Using The Triangle Inequality Principle
The triangle inequality principle states that the sum of the lengths of any two sides of a triangle must be greater than the length of the third side. This idea comes up in a fair number of problems, so don’t forget it! It’s based on the simple fact that the shortest distance between two points is a straight line. Check out the following figure and the explanation that follows.
Naturally, going straight across from A to B is shorter than taking a detour by traveling from A to C and then on to B. That’s the triangle inequality principle in a nutshell.
x + 8 > 10
x > 2
But don’t forget that the same principle applies to the path from A to C; thus, 8 + 10 must be greater than x:
8 + 10 > x
18 > x
You can write both of these answers as a single inequality:
2 < x < 18
The following figure shows this range of lengths. Think of vertex B as a hinge. As the hinge opens more and more, the length of segment AC grows.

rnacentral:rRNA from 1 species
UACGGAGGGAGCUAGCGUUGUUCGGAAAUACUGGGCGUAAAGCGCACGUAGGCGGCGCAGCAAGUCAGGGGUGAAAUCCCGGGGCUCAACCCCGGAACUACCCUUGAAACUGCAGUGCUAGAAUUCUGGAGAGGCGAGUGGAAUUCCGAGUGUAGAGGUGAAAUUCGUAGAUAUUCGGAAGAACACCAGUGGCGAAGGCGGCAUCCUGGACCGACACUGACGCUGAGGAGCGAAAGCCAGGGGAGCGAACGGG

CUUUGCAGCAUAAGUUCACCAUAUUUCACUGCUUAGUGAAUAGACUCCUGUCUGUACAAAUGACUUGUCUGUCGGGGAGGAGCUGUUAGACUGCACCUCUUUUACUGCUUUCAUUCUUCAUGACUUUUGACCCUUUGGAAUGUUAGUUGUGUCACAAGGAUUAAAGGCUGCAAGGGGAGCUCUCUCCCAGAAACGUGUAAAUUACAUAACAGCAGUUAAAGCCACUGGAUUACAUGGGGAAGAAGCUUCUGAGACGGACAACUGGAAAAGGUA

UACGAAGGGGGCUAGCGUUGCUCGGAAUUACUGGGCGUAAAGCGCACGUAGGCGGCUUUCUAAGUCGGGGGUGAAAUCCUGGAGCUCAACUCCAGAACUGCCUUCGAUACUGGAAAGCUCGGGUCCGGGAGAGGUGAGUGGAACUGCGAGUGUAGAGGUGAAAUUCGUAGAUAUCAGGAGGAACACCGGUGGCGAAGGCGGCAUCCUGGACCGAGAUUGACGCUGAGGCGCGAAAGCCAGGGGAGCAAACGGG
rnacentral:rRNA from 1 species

Note: Give yourself a pat on the back if you’re wondering why the third path wasn’t mentioned, from B to C. Here’s why: In the first two inequalities, note that the longer known side (the 10) and the unknown side (the x) were put on the right sides of the inequalities. That’s all you need to do to get your answer. You don’t have to do a third inequality with the shorter of the two known sides (the 8) on the right side of the inequality, because that won’t add anything to your answer.
By the way, if this problem had been about three towns A, B, and C instead of triangle ABC, then the possible distances between towns A and C would look the same except that the less-than symbols would be less-than-or-equal-to symbols:
You can’t do this with the triangle problem, however, because when A, B, and C are in a line, there’s no triangle left.